• Ruby uses an inefficient, linear time algorithm for extending the stack space when switching context between threads and/or continuations. This is mostly noticeable when you have a lot of threads. Brent replaces this with a constant time algorithm, which is much faster.
  • It adds the methods __file__ and __line__ to the Method, UnboundMethod and Proc classes. Very useful for inspecting large code bases that make heavy use of metaprogramming.
  • It fixes some crashing bugs in Ruby’s continuations implementation.

Current status: The MBARI patches partially overlap with our copy-on-write patches, but we have been able to successfully merge the two patch sets together. Merging the result with the other patches, e.g. the RailsBench patches which are also included in REE, is still a work-in-progress, but we expect to be finished very soon.

Merging Joe Damato’s and Aman Gupta’s patches into Ruby Enterprise Edition.
Joe Damato and Aman Gupta’s SIGVTALRM patch, which is already included in the latest Ruby Enterprise Edition release, fixes a Ruby thread scheduler bug which degrades performance once the last thread in the application (except the main thread) has exited. This is especially important in applications which are mostly single-threaded, but may occasionally spawn a thread. This includes all single-threaded applications that use the ‘timeout’ library, because it is implemented using threads.

This team has recently also created a patch which fixes the performance degradations that occur when –enable-pthread is enabled, as well as a zero-copy context switching patch. In Ruby 1.8, whenever Ruby switches context to another thread, it has to copy over the entire thread stack. This is very expensive, and the deeper your function calls are nested, the slower it becomes. The zero-copy context switching patch removes the need to copy any stack data; instead, it keeps all thread stacks at different areas in memory and simply changes the stack pointer. In extreme situations, this patch can increase threading performance by as much as 10 times!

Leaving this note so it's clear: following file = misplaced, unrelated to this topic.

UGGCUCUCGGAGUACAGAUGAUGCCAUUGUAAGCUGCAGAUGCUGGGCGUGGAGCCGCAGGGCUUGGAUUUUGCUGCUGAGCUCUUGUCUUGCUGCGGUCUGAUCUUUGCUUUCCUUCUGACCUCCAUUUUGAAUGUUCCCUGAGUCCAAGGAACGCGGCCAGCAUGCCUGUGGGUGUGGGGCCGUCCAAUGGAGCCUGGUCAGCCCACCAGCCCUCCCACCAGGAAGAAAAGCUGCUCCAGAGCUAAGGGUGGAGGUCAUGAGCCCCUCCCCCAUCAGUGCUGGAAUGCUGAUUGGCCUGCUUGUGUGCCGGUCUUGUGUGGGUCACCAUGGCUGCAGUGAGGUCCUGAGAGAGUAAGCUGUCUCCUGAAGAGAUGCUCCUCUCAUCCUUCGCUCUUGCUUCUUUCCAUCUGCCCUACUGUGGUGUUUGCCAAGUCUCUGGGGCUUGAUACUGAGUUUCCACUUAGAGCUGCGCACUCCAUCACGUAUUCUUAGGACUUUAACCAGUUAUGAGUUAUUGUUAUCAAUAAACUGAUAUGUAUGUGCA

Phusion Passenger is not really affected by this patch because its request handling core is not multithreaded, at least not at this moment. But Mongrel is heavily multithreaded and will benefit tremendously from this patch.

Current status: We’ve tested this patch, and it turns out that it breaks continuations. We’re working with the authors to solve this issue. Also, parts of this patch overlap with the MBARI patch set. We are currently working on merging them.

Documenting the implications for REE users.

The MBARI patch set adds a few more API calls for tuning the garbage collector, as well as some configure flags for customizing the manner with which memory consumption is reduced. We will document these things.

Campaign goal and conditions

The goal of this campaign is 9000 USD. We have a surplus of 642 USD from the last campaign, and we’ve already factored in this amount.

Once the campaign goal has been reached, we’ll release the work as soon as it has been finished. Highlights:

  • All sponsors will be given credit on the related REE release announcement on our blog. If the sponsor is an organization then we’ll link to the website, if available.
  • The money that we receive through this campaign shall be treated like donations.
  • An invoice is available if both of the following conditions apply:
    1. You are an organization based in the European Union.
    2. You’ve sent 200 USD or more.
  • If we receive more money than the campaign goal, then the surplus will be used for the next REE sponsorship campaign.

To sponsor this campaign, please click on the following button:
Click here to lend your support to: Ruby Enterprise Edition third sponsorship campaign and make a donation at !

Thank you for your continued support!